So I was sitting on my bed, laptop perched on my lap to accommodate my burgeoning belly and obediently doing my Kegels. (Isn’t it ironic that I’m encouraged to exercise the one part of my body I’d actually like to see get a little bigger during pregnancy?) As I quickly typed, trying to shoot out one last email, my 2-year-old daughter begged for another taste of Toddler Crack (“Elmo, peas, Mommy! Peas! Elmo now peas!”). I never thought a furry, red monster could be so addictive, but Madeline sees me pull out the laptop and she starts shaking like a strung-out junkie knowing that her next hit — an Elmo’s World computer game — is just a click away. I patted my little addict on the back. “Baby, let Mommy finish this one thing and then we’ll play Elmo.” Amazingly, this seems reasonable enough and she returned to her Pollock-like piece of art, filling her white paper with varicolored, wavering lines of scribbles.
Meanwhile, I’d forgotten all about my Kegels.
I can’t help but think that even my pelvic floor muscles have already slighted my second child. I religiously did at least 50 Kegels a day with Madeline. With this butterbean, I’m lucky to get in a few token squeezes.
I know this is just the way it’s going to be. From the moment my husband Dave and I held our firstborn, Madeline became the center of our world. She bobbed her springy head and smacked her rosebud lips. I yanked out the boob. She picked her nose for the first time. We caught the milestone on film (good blackmail material for when she starts dating). Nowadays when she asks me to read The Hungry Caterpillar for the umpteenth time, I oblige. (And then I curse that fat, little caterpillar for making me feel hungry again and gulping down a piece of chocolate cake, ice cream cone, pickle and maybe even some cheese and watermelon.) Our house is covered wall to wall with photos of Madeline. Her baby book reads like Faulkner; I’ve included long, detailed narratives recounting all the minutiae of her existence.
But before I’ve even pushed baby No. 2 out into the cold, unfair world, she’s already being snubbed. Not only do I forget my Kegels, I occasionally eat soft cheeses and grab a bowl of cereal instead of egg whites, sliced strawberries and a whole-wheat piece of toast (a typical prenatal breakfast during my primgravida days). I don’t get enough sleep. I regularly pick up a 28-pound package (Madeline) despite warnings not to strain myself, and some days I need a real cup of coffee (or two).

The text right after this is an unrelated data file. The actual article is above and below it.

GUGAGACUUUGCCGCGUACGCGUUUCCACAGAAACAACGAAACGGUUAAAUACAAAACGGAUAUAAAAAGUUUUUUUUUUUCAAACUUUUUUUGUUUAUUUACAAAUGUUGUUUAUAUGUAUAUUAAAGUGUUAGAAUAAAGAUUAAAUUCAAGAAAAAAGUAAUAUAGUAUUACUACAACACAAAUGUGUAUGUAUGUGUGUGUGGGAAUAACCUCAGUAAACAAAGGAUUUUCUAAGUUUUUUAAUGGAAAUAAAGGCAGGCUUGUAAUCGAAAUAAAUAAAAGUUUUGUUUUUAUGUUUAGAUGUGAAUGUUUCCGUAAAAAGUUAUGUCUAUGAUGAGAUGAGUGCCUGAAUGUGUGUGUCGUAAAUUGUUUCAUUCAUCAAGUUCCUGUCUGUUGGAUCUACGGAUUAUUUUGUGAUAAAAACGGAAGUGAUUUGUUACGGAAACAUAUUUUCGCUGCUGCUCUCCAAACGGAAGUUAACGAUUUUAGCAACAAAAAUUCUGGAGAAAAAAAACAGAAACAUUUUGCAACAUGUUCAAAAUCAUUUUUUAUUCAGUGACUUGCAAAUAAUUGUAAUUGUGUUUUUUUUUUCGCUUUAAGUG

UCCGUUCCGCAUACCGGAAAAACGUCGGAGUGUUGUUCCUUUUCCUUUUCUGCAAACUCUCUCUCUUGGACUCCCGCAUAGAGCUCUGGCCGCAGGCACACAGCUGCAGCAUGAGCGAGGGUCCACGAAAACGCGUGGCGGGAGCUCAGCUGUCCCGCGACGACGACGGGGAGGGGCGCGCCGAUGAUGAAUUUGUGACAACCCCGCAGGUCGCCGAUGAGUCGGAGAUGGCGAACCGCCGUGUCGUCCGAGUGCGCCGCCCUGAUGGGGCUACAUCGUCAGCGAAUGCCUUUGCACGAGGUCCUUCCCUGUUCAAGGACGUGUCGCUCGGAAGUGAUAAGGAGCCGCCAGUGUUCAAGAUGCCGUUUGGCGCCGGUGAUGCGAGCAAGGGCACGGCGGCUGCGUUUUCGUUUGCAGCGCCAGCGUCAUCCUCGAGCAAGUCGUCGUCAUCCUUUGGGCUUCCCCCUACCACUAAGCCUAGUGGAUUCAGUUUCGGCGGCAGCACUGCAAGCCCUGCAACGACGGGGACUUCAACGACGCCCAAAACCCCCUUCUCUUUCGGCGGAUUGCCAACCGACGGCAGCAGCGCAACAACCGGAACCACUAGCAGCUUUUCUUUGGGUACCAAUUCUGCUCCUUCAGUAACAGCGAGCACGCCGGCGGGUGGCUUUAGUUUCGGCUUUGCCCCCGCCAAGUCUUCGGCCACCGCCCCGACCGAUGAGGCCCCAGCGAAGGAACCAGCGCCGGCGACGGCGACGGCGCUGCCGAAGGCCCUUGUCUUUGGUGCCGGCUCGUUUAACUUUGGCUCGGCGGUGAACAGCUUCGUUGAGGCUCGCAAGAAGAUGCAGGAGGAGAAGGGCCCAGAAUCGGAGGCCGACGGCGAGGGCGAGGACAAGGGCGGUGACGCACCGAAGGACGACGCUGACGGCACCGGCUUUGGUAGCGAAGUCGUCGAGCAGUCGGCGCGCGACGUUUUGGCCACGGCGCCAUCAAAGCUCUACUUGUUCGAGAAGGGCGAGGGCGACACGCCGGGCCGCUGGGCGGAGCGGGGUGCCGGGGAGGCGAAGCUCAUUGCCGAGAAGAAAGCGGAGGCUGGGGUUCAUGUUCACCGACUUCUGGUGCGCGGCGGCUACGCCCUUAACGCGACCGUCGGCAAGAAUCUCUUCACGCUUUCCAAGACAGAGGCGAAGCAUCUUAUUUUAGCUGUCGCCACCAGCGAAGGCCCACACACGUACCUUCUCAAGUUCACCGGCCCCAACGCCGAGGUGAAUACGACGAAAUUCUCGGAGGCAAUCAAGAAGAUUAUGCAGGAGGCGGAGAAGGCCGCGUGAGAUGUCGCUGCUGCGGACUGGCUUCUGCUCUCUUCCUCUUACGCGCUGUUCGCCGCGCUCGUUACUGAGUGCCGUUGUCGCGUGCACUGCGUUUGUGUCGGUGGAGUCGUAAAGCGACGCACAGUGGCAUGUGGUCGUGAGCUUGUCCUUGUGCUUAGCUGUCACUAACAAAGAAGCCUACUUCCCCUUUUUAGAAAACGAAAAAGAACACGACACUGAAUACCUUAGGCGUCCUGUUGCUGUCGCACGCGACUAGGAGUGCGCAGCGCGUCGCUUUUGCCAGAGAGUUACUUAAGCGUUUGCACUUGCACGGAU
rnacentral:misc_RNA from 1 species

To make matters worse, we’re having another girl. Don’t get me wrong — my husband and I aren’t one of those couples who have to have a boy. Besides, we plan on having a big family, so there’s not a lot of pressure to have one gender over the other. I was actually thrilled that I’d be able to use Madeline’s vast wardrobe and nursery bedding again. But that’s just it. This little girl won’t have my undivided attention or a brand-new wardrobe. She’s our second-hand child. The one who gets our second favorite girl’s name, her sister’s hand-me-downs, board books with chewed corners, previously slobbered-on teethers and even a potty that’s been well christened. She’ll even eventually have to share Madeline’s room. It won’t ever really be her room because Madeline had it first, just like her big sister had dibs on my boobs, love and attention first.
Sometimes I worry there’s just not enough love to go around. I can’t imagine a child as worthy of my love as Madeline. Other than some sleep struggles, Madeline has been a sweet-natured, no-hassle child. The “terrible twos” have been terrific. I don’t know what a tantrum is. Even her withdrawal symptoms from Toddler Crack have been manageable.
So there were moments when I felt this baby’s little jabs in utero and couldn’t help but wonder, How can I possibly ever love this little girl as much as I love Madeline? What if she cries nonstop as a newborn? What if she transforms into a tyrannical terror as a toddler? What if she screams, “Mine!” and tries to claim Madeline’s toys as her own? And even if she’s a docile, sweet and near-perfect child, will I ever love her the same way as I do Madeline?
Then I saw her first close-up.
Like chalk on a blackboard, our baby’s white silhouette filled the screen during my 20-week ultrasound. “Baby sister,” Madeline said as we watched our newest addition gracefully move in her watery world.
At one point, a tiny, fine-boned hand took center stage on the screen. It was only a grainy image, but I could clearly see each finger waving toward me like the delicate appendages of a starfish dancing beneath the undulating waves of a tide pool. And I knew, as my baby girl reached toward me, that even if she’s second in succession to her big sister, even if she turns into a tantrum-throwing tyrant, and even if we misplace her sonogram and don’t memorialize it in a fancy scrapbook, there’s more than enough love to go around and that she’s, without a doubt, second to none.